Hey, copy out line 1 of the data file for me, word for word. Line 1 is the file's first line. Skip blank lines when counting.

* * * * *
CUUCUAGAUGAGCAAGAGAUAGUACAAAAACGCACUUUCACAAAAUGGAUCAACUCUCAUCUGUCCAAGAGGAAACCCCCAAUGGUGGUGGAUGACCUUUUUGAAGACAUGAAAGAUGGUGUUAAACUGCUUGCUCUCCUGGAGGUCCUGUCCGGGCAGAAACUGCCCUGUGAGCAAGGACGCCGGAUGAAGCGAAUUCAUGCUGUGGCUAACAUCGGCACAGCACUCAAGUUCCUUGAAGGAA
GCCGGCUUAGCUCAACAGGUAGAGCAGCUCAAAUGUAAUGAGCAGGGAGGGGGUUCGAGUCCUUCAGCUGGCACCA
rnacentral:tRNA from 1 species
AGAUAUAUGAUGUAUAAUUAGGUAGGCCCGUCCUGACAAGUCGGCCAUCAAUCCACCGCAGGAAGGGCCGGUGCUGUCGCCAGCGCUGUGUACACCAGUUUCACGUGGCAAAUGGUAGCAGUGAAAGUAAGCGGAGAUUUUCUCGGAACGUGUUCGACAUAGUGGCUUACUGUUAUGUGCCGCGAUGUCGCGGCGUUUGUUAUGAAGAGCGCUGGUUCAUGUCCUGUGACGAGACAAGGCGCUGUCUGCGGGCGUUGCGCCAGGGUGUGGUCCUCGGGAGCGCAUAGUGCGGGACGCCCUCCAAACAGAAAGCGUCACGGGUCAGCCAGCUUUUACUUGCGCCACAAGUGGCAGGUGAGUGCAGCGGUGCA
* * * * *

CUUCUAGAUGAGCAAGAGAUAGUACAAAAACGCACUUUCACAAAAUGGAUCAACUCUCAUCUGUCCAAGAGGAAACCCCCAAUGGUGGUGGAUGACCUUUUUGAAGACAUGAAAGAUGGUGUUAAACUGCUUGCUCUCCUGGAGGUCCUGUCCGGGCAGAAACUGCCCUGUGAGCAAGGACGCCGGAUGAAGCGAAUUCAUGCUGUGGCUAACAUCGGCACAGCACUCAAGUUCCUUGAAGGAA